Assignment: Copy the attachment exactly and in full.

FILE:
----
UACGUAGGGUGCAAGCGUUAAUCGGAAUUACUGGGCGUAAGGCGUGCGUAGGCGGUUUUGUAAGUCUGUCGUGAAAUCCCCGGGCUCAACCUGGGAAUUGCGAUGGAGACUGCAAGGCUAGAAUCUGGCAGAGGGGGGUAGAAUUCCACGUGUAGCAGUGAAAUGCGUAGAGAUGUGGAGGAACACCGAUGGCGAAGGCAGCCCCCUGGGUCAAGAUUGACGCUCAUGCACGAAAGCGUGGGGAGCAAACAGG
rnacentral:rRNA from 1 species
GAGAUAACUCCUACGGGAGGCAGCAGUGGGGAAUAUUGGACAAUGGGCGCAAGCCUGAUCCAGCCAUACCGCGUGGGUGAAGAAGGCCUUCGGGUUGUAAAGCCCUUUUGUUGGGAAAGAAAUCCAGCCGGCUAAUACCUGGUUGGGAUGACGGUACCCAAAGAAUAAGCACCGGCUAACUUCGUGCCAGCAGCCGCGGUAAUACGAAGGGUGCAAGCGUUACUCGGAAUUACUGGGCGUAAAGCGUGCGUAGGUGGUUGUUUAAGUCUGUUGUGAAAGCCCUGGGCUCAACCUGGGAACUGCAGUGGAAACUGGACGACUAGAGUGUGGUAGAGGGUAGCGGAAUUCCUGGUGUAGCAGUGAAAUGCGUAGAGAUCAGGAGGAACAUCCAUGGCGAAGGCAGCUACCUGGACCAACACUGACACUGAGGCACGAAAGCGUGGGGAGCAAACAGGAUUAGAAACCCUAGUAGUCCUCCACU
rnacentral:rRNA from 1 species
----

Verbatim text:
UACGUAGGGUGCAAGCGUUAAUCGGAAUUACUGGGCGUAAGGCGUGCGUAGGCGGUUUUGUAAGUCUGUCGUGAAAUCCCCGGGCUCAACCUGGGAAUUGCGAUGGAGACUGCAAGGCUAGAAUCUGGCAGAGGGGGGUAGAAUUCCACGUGUAGCAGUGAAAUGCGUAGAGAUGUGGAGGAACACCGAUGGCGAAGGCAGCCCCCUGGGUCAAGAUUGACGCUCAUGCACGAAAGCGUGGGGAGCAAACAGG
rnacentral:rRNA from 1 species
GAGAUAACUCCUACGGGAGGCAGCAGUGGGGAAUAUUGGACAAUGGGCGCAAGCCUGAUCCAGCCAUACCGCGUGGGUGAAGAAGGCCUUCGGGUUGUAAAGCCCUUUUGUUGGGAAAGAAAUCCAGCCGGCUAAUACCUGGUUGGGAUGACGGUACCCAAAGAAUAAGCACCGGCUAACUUCGUGCCAGCAGCCGCGGUAAUACGAAGGGUGCAAGCGUUACUCGGAAUUACUGGGCGUAAAGCGUGCGUAGGUGGUUGUUUAAGUCUGUUGUGAAAGCCCUGGGCUCAACCUGGGAACUGCAGUGGAAACUGGACGACUAGAGUGUGGUAGAGGGUAGCGGAAUUCCUGGUGUAGCAGUGAAAUGCGUAGAGAUCAGGAGGAACAUCCAUGGCGAAGGCAGCUACCUGGACCAACACUGACACUGAGGCACGAAAGCGUGGGGAGCAAACAGGAUUAGAAACCCUAGUAGUCCUCCACU
rnacentral:rRNA from 1 species